I’ve always wanted to be spiritual, but I have trouble believing things,” I said, smiling nervously at the robe-clad Zen Buddhism teacher. We were sitting together in a small room for a one-on-one conversation about my Zen meditation practice.

He chuckled. “So, I guess Zen is perfect for you.”

The year was 2011, and I was 36 years old. I had been practicing Zen Buddhism for three years and had traveled to Kentucky to attend my first meditation retreat, a weekend event held at a Zen center near Lexington. The retreat schedule was tough. We sat in meditation from 6 a.m. to 9 p.m., broken up by short periods of walking meditation, meals, and chores. Everything was to be done in silence.

Zen was the latest chapter in my lifelong spiritual quest. That quest had begun during my teenage years, when I realized that my Hindu ancestry—passed down by Indian immigrant parents—need not dictate my own faith. As I became aware of alternative belief systems, I realized that I was an agnostic: I honestly didn’t know what to believe. So I dropped the Hindu label and committed to discovering for myself the ultimate truth.

Growing up in Houston, I learned the basics of Christianity through friends and neighbors. I also spent part of my childhood in the United Kingdom, where Christian prayer, hymns, and sermons were part of regular school activities. My Hindu parents always spoke respectfully about Christian beliefs. They would go (and encourage me to go) to church with friends when invited.

But it wasn’t until I got to college that I came to know Jesus through my evangelical Christian friends. I observed how their faith gave them peace and strength during difficult times. And every time I heard about God’s far-reaching love for us, demonstrated through Christ’s sacrifice, I wanted to weep. But while my heart was ready to take the leap, my inner skeptic—the stubbornly agnostic, somewhat smart-alecky part of my brain—held me back.

In my late 20s, I joined a church with the hope of nurturing the seeds of faith that lay dormant within me. During that time, there were moments when I truly did embrace what the Bible says about Jesus. But inevitably, my inner skeptic would pipe up with its doubts, and I would find myself backtracking to appease it. It’s more plausible that Jesus was just a great teacher, and that the Resurrection is just a metaphor, I’d tell myself. And I don’t need to accept all of Scripture, only the parts that resonate with me.

Several years later—with my head and heart still at spiritual loggerheads—I quit going to church and began to explore Zen Buddhism.

Less than 1 percent of the US population identifies as Buddhist, and an even smaller fraction identifies as Zen Buddhist, especially considering Zen’s aversion to labels. But it’s a path that many spiritual seekers have found appealing. Many of the people I got to know through my Zen practice had turned away from Christian upbringings to seek answers in Zen.

My inner skeptic was intrigued by the possibility that Zen might provide a spiritual path that didn’t require specific beliefs. Buddhists generally don’t view the Buddha as divine. He was a human teacher. The name Buddha simply means an awakened or enlightened person—a status that, in theory, anyone can achieve through practice.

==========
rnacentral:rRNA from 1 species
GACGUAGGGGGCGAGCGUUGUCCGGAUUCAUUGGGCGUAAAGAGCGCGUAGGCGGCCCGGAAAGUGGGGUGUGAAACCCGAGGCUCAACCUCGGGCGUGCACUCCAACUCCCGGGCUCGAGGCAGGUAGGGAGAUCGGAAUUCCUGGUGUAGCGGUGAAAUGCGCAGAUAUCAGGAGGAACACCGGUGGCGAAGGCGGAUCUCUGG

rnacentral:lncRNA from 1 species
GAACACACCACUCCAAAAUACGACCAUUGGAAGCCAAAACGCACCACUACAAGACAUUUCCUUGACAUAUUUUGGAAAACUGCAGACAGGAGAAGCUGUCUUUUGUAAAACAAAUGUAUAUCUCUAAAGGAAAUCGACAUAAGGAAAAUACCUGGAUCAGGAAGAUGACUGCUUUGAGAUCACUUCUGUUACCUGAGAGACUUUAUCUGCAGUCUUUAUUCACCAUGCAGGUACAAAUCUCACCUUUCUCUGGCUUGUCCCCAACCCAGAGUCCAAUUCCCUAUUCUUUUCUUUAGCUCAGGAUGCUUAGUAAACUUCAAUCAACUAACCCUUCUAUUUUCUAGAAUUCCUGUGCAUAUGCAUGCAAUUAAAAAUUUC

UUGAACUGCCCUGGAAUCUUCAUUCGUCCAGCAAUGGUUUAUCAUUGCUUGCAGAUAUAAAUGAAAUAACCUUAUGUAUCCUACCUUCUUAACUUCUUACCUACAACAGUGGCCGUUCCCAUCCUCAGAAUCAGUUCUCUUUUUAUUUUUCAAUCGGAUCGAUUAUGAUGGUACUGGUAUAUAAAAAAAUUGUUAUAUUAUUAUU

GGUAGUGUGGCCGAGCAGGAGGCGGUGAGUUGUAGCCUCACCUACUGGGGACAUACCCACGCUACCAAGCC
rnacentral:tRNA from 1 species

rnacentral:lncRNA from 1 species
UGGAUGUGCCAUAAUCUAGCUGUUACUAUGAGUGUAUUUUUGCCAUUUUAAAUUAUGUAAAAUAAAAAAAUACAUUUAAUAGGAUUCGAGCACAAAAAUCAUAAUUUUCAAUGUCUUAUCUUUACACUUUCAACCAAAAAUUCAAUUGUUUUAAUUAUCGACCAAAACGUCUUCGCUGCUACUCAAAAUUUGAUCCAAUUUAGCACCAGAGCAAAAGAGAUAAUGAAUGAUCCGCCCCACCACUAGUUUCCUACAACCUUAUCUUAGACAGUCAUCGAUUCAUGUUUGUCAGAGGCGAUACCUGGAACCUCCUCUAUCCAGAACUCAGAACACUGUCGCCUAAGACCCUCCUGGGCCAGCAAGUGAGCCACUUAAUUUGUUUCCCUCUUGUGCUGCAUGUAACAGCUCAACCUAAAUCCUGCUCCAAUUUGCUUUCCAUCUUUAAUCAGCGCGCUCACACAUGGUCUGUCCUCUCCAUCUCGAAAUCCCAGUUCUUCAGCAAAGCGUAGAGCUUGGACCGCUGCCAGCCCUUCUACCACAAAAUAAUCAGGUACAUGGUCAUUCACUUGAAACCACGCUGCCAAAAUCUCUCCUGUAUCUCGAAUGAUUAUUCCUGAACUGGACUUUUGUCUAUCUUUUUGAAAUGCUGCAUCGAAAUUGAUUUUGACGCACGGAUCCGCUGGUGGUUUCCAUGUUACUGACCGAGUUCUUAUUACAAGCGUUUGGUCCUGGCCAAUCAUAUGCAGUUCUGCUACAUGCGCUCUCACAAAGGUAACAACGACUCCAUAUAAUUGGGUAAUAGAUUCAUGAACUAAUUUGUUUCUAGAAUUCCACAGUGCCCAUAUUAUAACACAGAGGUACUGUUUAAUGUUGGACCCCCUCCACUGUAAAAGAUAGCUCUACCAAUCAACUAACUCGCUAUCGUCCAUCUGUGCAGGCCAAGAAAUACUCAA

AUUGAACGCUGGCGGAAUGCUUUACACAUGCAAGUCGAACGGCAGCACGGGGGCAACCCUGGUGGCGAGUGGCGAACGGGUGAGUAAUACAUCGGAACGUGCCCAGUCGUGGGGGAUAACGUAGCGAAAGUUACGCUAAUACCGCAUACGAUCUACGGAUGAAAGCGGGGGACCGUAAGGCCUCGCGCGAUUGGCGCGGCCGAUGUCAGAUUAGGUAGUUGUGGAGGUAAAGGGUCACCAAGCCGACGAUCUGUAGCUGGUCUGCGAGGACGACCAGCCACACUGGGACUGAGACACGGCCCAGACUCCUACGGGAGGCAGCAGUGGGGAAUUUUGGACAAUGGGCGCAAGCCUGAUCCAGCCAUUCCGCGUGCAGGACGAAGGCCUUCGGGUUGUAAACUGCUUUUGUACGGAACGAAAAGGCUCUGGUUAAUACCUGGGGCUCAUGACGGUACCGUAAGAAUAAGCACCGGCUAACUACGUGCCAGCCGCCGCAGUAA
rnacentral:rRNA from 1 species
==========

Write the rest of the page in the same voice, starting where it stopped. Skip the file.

And Zen—at least the American flavor of it that I experienced—goes further, de-emphasizing even traditional Buddhist beliefs like rebirth or karma. Some Zen Buddhists do hold these beliefs, and teachers may refer to them; but as one of my Zen teachers put it, “They’re optional.” (Stubborn skeptic that I was, I opted out.)

Fundamentally, Zen is a practice, and its core is meditation—sitting still and focusing attention on something. One straightforward option is focusing on one’s breath, often by counting it. Alternatively, some Zen teachers encourage practicing with a koan—a paradoxical statement, riddle, or story that is supposed to confront the student with the inadequacy of analytical thinking. “Solving” a koan requires insight that goes beyond the limits of reason.

Regardless of the specifics, meditation gives one a front-row seat to observe one’s “monkey mind”—the inner monologue that is constantly blabbering, engaging in elaborate arguments, and singing 80s songs—as it tries to hijack attention away from the focus of meditation. As I started practicing Zen meditation, I slowly got better at directing my attention. I found that anchoring my attention to my breath could give me some distance from the antics of my monkey mind, helping me stay grounded in stressful situations.

This benefit isn’t unique to Zen or Buddhism. I suspect most mental health professionals would tell you that it can be obtained from learning secular mindfulness skills, or from any spiritual discipline that trains the attention. But Zen practice aspires to more than psychological benefits. It aspires to a direct encounter with the nature of reality that cannot be expressed in words or concepts.

Article continues below

As Dogen, a Japanese Zen teacher from the 13th century, put it, “To study the Buddha Way is to study the self. To study the self is to forget the self. To forget the self is to be enlightened by all things of the universe.” In Zen, I imagined that I could indulge the radical agnosticism of my inner skeptic by sitting still and taking a deep, honest look at the present reality—including the state of my own mind—just as it is.